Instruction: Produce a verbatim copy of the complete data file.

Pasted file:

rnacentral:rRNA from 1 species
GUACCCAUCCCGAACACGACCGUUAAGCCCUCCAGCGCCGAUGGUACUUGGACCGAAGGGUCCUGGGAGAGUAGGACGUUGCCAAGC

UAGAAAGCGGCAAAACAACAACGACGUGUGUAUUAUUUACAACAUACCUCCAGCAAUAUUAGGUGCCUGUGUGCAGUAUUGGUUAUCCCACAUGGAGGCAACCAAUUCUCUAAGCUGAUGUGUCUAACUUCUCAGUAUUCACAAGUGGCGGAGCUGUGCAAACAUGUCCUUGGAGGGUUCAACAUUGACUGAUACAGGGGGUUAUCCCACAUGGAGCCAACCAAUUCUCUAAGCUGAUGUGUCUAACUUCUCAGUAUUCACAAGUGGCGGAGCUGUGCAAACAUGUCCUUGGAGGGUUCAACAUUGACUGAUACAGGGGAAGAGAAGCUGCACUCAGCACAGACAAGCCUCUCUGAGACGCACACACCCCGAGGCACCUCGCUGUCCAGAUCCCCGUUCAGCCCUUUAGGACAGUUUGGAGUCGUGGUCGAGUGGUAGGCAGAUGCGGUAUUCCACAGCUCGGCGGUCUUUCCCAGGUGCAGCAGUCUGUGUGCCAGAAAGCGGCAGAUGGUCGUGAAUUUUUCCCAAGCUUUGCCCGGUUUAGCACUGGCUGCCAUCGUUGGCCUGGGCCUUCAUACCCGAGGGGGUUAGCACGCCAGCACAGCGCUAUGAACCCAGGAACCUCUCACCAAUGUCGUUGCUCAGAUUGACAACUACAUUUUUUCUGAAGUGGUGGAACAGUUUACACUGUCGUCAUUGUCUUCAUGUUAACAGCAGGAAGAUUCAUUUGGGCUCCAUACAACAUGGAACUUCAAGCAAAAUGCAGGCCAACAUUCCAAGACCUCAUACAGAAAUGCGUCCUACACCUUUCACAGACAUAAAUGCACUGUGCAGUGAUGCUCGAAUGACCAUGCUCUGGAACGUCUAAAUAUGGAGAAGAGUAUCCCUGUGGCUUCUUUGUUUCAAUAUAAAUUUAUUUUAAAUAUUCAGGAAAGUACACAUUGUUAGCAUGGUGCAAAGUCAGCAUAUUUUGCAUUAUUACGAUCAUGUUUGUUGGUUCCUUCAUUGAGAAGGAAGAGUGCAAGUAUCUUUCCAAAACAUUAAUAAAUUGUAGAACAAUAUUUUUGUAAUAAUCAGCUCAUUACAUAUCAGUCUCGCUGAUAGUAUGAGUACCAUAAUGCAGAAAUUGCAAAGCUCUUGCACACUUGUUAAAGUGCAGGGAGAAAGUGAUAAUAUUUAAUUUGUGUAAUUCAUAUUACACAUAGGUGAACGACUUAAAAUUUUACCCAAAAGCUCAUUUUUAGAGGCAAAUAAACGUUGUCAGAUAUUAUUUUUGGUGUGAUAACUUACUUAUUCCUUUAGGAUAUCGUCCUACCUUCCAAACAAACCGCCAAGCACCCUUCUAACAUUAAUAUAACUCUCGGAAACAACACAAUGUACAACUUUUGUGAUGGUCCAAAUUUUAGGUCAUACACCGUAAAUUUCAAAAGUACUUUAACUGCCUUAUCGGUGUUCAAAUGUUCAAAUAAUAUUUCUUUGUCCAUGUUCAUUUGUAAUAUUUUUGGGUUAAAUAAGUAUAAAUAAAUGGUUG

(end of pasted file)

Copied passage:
rnacentral:rRNA from 1 species
GUACCCAUCCCGAACACGACCGUUAAGCCCUCCAGCGCCGAUGGUACUUGGACCGAAGGGUCCUGGGAGAGUAGGACGUUGCCAAGC

UAGAAAGCGGCAAAACAACAACGACGUGUGUAUUAUUUACAACAUACCUCCAGCAAUAUUAGGUGCCUGUGUGCAGUAUUGGUUAUCCCACAUGGAGGCAACCAAUUCUCUAAGCUGAUGUGUCUAACUUCUCAGUAUUCACAAGUGGCGGAGCUGUGCAAACAUGUCCUUGGAGGGUUCAACAUUGACUGAUACAGGGGGUUAUCCCACAUGGAGCCAACCAAUUCUCUAAGCUGAUGUGUCUAACUUCUCAGUAUUCACAAGUGGCGGAGCUGUGCAAACAUGUCCUUGGAGGGUUCAACAUUGACUGAUACAGGGGAAGAGAAGCUGCACUCAGCACAGACAAGCCUCUCUGAGACGCACACACCCCGAGGCACCUCGCUGUCCAGAUCCCCGUUCAGCCCUUUAGGACAGUUUGGAGUCGUGGUCGAGUGGUAGGCAGAUGCGGUAUUCCACAGCUCGGCGGUCUUUCCCAGGUGCAGCAGUCUGUGUGCCAGAAAGCGGCAGAUGGUCGUGAAUUUUUCCCAAGCUUUGCCCGGUUUAGCACUGGCUGCCAUCGUUGGCCUGGGCCUUCAUACCCGAGGGGGUUAGCACGCCAGCACAGCGCUAUGAACCCAGGAACCUCUCACCAAUGUCGUUGCUCAGAUUGACAACUACAUUUUUUCUGAAGUGGUGGAACAGUUUACACUGUCGUCAUUGUCUUCAUGUUAACAGCAGGAAGAUUCAUUUGGGCUCCAUACAACAUGGAACUUCAAGCAAAAUGCAGGCCAACAUUCCAAGACCUCAUACAGAAAUGCGUCCUACACCUUUCACAGACAUAAAUGCACUGUGCAGUGAUGCUCGAAUGACCAUGCUCUGGAACGUCUAAAUAUGGAGAAGAGUAUCCCUGUGGCUUCUUUGUUUCAAUAUAAAUUUAUUUUAAAUAUUCAGGAAAGUACACAUUGUUAGCAUGGUGCAAAGUCAGCAUAUUUUGCAUUAUUACGAUCAUGUUUGUUGGUUCCUUCAUUGAGAAGGAAGAGUGCAAGUAUCUUUCCAAAACAUUAAUAAAUUGUAGAACAAUAUUUUUGUAAUAAUCAGCUCAUUACAUAUCAGUCUCGCUGAUAGUAUGAGUACCAUAAUGCAGAAAUUGCAAAGCUCUUGCACACUUGUUAAAGUGCAGGGAGAAAGUGAUAAUAUUUAAUUUGUGUAAUUCAUAUUACACAUAGGUGAACGACUUAAAAUUUUACCCAAAAGCUCAUUUUUAGAGGCAAAUAAACGUUGUCAGAUAUUAUUUUUGGUGUGAUAACUUACUUAUUCCUUUAGGAUAUCGUCCUACCUUCCAAACAAACCGCCAAGCACCCUUCUAACAUUAAUAUAACUCUCGGAAACAACACAAUGUACAACUUUUGUGAUGGUCCAAAUUUUAGGUCAUACACCGUAAAUUUCAAAAGUACUUUAACUGCCUUAUCGGUGUUCAAAUGUUCAAAUAAUAUUUCUUUGUCCAUGUUCAUUUGUAAUAUUUUUGGGUUAAAUAAGUAUAAAUAAAUGGUUG